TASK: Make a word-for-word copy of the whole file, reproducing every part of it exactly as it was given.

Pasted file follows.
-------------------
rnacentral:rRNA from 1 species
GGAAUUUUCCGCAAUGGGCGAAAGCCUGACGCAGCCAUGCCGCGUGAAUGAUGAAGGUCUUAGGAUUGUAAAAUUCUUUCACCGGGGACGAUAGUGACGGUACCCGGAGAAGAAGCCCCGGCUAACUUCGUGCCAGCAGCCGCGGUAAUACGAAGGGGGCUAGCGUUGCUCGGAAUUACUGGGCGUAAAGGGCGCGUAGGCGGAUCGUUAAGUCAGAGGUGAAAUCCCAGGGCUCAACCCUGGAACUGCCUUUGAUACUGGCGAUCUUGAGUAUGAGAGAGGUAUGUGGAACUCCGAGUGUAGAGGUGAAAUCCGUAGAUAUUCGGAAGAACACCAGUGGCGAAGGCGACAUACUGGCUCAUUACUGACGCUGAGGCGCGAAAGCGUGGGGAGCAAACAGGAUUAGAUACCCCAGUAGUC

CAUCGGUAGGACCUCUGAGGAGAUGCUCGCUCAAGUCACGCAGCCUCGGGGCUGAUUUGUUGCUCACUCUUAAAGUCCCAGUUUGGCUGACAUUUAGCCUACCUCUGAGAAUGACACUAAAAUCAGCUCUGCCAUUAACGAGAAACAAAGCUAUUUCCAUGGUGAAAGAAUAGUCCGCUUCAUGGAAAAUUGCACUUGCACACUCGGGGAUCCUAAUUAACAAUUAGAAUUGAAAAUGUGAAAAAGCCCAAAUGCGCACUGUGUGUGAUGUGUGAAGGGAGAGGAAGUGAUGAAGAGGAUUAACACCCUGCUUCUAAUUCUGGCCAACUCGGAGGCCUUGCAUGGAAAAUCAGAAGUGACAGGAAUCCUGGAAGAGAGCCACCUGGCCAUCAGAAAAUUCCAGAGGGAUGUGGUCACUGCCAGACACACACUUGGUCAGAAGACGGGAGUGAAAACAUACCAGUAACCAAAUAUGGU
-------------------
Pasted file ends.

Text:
rnacentral:rRNA from 1 species
GGAAUUUUCCGCAAUGGGCGAAAGCCUGACGCAGCCAUGCCGCGUGAAUGAUGAAGGUCUUAGGAUUGUAAAAUUCUUUCACCGGGGACGAUAGUGACGGUACCCGGAGAAGAAGCCCCGGCUAACUUCGUGCCAGCAGCCGCGGUAAUACGAAGGGGGCUAGCGUUGCUCGGAAUUACUGGGCGUAAAGGGCGCGUAGGCGGAUCGUUAAGUCAGAGGUGAAAUCCCAGGGCUCAACCCUGGAACUGCCUUUGAUACUGGCGAUCUUGAGUAUGAGAGAGGUAUGUGGAACUCCGAGUGUAGAGGUGAAAUCCGUAGAUAUUCGGAAGAACACCAGUGGCGAAGGCGACAUACUGGCUCAUUACUGACGCUGAGGCGCGAAAGCGUGGGGAGCAAACAGGAUUAGAUACCCCAGUAGUC

CAUCGGUAGGACCUCUGAGGAGAUGCUCGCUCAAGUCACGCAGCCUCGGGGCUGAUUUGUUGCUCACUCUUAAAGUCCCAGUUUGGCUGACAUUUAGCCUACCUCUGAGAAUGACACUAAAAUCAGCUCUGCCAUUAACGAGAAACAAAGCUAUUUCCAUGGUGAAAGAAUAGUCCGCUUCAUGGAAAAUUGCACUUGCACACUCGGGGAUCCUAAUUAACAAUUAGAAUUGAAAAUGUGAAAAAGCCCAAAUGCGCACUGUGUGUGAUGUGUGAAGGGAGAGGAAGUGAUGAAGAGGAUUAACACCCUGCUUCUAAUUCUGGCCAACUCGGAGGCCUUGCAUGGAAAAUCAGAAGUGACAGGAAUCCUGGAAGAGAGCCACCUGGCCAUCAGAAAAUUCCAGAGGGAUGUGGUCACUGCCAGACACACACUUGGUCAGAAGACGGGAGUGAAAACAUACCAGUAACCAAAUAUGGU